This post is written as part of the Media Materials Gun Facts fellowship. The purpose of the fellowship is to further Media Materials’ mission to comprehensively monitor, analyze, and correct gun misinformation in the U.S. media. Some of the worst misinformation occurs around the issue of guns, gun violence, and extremism; the fellowship program is designed to fight this misinformation with facts.


911 Tells NRA Mom ‘I can’t tell you that you can do that ‘: Okla. Mom Sarah McKinley Kills Justin Martin

January 12, 2012

Sarah McKinley and Accomplice

Sarah McKinley, 18, brutally killed Justin Martin with a single gunshot wound on New Year’s Eve. Martin visited McKinley’s door on the day of her husband’s funeral, several days before the shooting. He was a neighbor who wanted to say hello, but she didn’t open the door. The deadly encounter occurred about a week after the young mom’s husband died of cancer, according to TV station KOCO. Martin returned with a friend on Dec. 31, and they tried to visit the modest house. When McKinley heard the men, she called 911. She also holed up in her bedroom with a 12-gauge shotgun and a pistol, while she put a bottle in her three-month-old son’s mouth. “I’ve got two guns in my hand — Is it okay to shoot him if he comes in this door?” McKinley asked the 911 operator. “I can’t tell you that you can do that…” the dispatcher told McKinley when she asked a second time. The call went on for 21 minutes. Police found Martin slumped over a couch that McKinley had used and pronounced him dead on the scene, TV station News 9 reports. Martin’s friend, Dustin Stewart, fled when he heard the gunshot, according to The Oklahoman.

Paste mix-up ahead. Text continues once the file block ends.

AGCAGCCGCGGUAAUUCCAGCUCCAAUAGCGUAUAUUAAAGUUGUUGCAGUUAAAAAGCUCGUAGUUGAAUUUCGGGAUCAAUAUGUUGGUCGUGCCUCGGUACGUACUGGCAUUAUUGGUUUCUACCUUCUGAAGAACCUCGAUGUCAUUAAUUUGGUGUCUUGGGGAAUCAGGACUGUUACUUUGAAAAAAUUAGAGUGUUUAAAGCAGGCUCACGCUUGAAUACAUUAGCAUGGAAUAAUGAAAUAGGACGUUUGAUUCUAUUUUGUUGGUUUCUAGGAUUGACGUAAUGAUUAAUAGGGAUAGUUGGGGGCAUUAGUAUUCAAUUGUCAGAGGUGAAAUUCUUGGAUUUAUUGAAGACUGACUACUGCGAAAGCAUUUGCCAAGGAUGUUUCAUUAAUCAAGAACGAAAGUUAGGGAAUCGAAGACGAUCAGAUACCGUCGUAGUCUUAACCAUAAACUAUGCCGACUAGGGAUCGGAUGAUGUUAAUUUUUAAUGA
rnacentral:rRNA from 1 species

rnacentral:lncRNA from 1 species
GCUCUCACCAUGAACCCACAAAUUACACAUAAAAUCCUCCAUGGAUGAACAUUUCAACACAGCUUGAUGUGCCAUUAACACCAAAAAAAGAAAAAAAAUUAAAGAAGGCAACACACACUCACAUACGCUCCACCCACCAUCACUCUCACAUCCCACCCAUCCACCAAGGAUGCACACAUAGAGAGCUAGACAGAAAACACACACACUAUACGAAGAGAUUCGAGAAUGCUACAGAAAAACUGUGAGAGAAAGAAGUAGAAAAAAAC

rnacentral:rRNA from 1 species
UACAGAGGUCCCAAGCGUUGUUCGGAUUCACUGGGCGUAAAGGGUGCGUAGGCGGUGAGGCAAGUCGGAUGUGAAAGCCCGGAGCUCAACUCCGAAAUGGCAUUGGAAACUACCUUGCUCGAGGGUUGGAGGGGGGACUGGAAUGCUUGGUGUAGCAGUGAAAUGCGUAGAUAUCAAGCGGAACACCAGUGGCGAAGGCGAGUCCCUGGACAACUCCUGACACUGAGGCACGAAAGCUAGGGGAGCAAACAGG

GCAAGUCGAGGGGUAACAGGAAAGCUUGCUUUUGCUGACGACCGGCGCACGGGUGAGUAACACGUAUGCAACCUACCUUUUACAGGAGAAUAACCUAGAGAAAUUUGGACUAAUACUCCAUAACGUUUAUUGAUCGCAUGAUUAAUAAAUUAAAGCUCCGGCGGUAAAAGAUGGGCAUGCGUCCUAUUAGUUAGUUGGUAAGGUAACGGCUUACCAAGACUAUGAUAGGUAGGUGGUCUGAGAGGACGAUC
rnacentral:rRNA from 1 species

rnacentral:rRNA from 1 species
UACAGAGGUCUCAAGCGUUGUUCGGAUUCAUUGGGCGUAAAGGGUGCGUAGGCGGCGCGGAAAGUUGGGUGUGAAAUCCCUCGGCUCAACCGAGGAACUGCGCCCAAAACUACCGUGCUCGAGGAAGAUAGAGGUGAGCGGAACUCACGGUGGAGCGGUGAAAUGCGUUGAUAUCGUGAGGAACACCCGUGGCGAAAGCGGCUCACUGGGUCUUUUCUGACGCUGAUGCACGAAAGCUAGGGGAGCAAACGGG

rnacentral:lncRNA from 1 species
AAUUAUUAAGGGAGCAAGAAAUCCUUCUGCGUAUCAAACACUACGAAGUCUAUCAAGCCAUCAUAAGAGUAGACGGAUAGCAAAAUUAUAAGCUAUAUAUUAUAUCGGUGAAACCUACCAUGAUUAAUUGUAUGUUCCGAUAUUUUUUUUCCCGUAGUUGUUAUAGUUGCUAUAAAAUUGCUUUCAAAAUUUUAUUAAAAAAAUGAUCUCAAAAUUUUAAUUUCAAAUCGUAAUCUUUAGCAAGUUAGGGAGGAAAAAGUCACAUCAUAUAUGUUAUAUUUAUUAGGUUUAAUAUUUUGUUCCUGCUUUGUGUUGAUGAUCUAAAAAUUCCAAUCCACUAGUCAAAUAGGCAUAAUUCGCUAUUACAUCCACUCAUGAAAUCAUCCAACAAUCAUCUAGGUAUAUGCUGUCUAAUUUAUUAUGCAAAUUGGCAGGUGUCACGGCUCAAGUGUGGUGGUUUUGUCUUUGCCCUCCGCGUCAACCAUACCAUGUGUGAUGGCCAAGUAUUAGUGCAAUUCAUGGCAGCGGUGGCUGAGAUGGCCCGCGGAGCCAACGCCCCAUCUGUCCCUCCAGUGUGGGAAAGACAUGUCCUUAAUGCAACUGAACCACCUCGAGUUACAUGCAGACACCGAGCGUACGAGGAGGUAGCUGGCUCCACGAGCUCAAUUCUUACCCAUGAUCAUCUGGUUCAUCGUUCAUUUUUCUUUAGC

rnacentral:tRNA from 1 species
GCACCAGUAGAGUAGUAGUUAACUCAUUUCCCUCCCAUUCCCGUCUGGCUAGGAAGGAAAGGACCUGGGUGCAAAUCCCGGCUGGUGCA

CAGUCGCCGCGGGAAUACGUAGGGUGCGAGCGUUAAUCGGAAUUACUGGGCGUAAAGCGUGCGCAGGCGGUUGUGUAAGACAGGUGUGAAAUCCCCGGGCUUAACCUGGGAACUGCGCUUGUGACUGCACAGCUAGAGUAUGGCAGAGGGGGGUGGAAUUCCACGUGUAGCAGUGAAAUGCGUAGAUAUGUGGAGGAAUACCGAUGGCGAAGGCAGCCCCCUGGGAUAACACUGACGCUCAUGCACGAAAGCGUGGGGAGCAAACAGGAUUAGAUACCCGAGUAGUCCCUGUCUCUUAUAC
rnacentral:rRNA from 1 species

This post is written as part of the Media Materials Gun Facts fellowship. The purpose of the fellowship is to further Media Materials’ mission to comprehensively monitor, analyze, and correct gun misinformation in the U.S. media. Some of the worst misinformation occurs around the issue of guns, gun violence, and extremism; the fellowship program is designed to fight this misinformation with facts.


NRA Tea Party Fetishist Extremist Brandishes Gun On National Television

December 22, 2011

In the December 21 edition of Fox Business’ Follow the Money, host Eric Bolling shows obvious excitement as Fetishist TV personality, Rich Wyatt fondles and brandishes his little pea shooters to compensate for some other shortcoming.